SINGAPORE (Reuters) - Gold sales by the International Monetary Fund for third-world debt relief could weaken bullion prices over the longer run but any dip could be temporary because of strong demand at lower price levels from Asian buyers.
Ministers from the Group of Seven industrialized nations said over the weekend the IMF would consider using its gold reserves to cut the debt of the world's poorest nations. The fund is the world's third-largest gold holder with reserves of around 3,217 tonnes.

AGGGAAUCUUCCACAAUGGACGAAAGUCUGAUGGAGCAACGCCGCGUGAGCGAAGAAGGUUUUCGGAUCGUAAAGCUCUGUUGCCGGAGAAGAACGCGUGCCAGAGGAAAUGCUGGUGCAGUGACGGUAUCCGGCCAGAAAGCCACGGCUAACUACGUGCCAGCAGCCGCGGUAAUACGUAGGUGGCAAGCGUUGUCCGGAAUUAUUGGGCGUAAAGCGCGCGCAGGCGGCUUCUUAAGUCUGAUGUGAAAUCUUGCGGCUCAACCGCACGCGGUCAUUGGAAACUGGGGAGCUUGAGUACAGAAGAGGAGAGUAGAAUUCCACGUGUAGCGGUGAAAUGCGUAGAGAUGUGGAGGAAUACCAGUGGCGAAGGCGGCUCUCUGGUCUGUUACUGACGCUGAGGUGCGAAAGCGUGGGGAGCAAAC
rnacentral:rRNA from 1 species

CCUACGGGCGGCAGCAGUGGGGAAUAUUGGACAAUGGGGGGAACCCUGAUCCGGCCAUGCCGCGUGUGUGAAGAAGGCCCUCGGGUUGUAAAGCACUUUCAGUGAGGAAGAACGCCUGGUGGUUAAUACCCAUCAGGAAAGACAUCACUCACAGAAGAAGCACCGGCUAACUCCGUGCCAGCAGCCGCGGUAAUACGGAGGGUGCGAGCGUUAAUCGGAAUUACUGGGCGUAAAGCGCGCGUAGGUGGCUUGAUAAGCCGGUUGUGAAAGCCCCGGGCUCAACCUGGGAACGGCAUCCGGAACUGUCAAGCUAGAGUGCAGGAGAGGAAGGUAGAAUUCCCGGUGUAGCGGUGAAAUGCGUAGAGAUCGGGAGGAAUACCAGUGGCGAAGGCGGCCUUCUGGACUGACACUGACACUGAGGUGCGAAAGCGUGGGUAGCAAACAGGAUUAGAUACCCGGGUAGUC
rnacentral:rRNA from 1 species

Gold, which fell $1 an ounce on Friday to 415.20 in New York on talk of the IMF gold sales, dipped to a near-four-month low of $413.50 an ounce in Asia on Monday before recovering to around $414.50.
Yukuji Sonoda, a precious metals analyst at Daiichi Commodities in Tokyo, believes gold is nearing its bottom at around $410 and would soon rebound because of buying interest from India, the world's largest gold consumer.
"The market is over reacting. The outcome of the G7 meeting is not surprising," said Sonoda. "End-users in Japan, China and also India are very comfortable with this price level," he added.
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Source: Reuters By Lewa Pardomuan
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